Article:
“What we hear from soldiers is fear, fear of retribution,” she said, citing an incident in Jabal Zawiya in Idlib province on Dec. 20 in which more than 100 soldiers were reportedly killed after attempting to defect.
“I hear — not just from soldiers, but also from diplomats — that we’re not seeing defections because the Assad regime has made sure that their family members always remain in the country,” and people fear their families will be harmed if they desert their posts, Whitson said. Although they are relatively safe in Lebanon, the men fear being caught and deported by Lebanese security forces, so they move about only at night.
Unlike in an uprising in Libya that eventually swept Moammar Gaddafi from power, she added, where large parts of the armed forces defected en masse and fled to the opposition stronghold of Benghazi, there is no safe area for Syrian soldiers easily to escape to.
The Free Syrian Army and parts of the Syrian opposition have called for the swift creation of a safe zone, patrolled by an international military force along Syria’s northern border with Turkey. If soldiers had somewhere to go, large chunks of the army would defect, the men in north Lebanon said.
However, that remains a distant prospect, said Henri Barkey, a professor of international relations at Lehigh University in Pennsylvania, who said that Turkish authorities believe that Assad will fall, but are unwilling to intervene directly.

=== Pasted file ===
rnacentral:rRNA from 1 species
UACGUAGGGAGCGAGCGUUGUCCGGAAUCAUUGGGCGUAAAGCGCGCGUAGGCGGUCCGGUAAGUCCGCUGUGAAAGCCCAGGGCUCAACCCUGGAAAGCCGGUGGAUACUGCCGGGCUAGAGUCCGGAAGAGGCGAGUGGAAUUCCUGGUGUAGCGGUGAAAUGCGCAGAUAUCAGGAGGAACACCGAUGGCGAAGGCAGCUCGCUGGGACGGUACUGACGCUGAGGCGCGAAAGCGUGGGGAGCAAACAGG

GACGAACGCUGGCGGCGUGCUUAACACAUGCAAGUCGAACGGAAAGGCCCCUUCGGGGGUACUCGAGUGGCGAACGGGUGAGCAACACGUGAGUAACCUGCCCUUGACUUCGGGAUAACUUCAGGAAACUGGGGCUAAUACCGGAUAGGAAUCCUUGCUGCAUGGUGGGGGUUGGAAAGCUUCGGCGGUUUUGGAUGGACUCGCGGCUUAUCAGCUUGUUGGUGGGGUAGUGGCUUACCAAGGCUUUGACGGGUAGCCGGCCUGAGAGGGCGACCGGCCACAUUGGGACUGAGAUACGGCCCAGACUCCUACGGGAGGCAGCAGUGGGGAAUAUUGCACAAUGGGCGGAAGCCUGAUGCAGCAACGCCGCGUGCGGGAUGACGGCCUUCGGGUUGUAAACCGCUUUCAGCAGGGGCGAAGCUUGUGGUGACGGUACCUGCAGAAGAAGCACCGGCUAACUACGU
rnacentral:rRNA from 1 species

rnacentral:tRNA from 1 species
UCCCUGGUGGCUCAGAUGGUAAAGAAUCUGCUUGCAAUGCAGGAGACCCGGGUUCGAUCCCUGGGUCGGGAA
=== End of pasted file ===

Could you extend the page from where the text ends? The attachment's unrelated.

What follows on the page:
“The Turks see [the Free Syrian Army] as a useful tool,” Barkey said. “They assume that these guys are part of the ultimate picture that is going to emerge,” as shown by Turkish authorities allowing the group’s commander to remain in Turkey. “But they don’t want to get involved too deeply because it’s too risky for them at the moment.”
For now, the defectors continue on their missions. As some of them spoke animatedly, a few others excused themselves, saying that they were heading across the border later that night. At least two had been killed in minefields in the last week, they said, offering names and military identification numbers as proof.
“But when we have funerals for the martyrs,” said the second lieutenant, “we don’t grieve, but we congratulate each other on the honor. This is what makes the soldiers so determined.”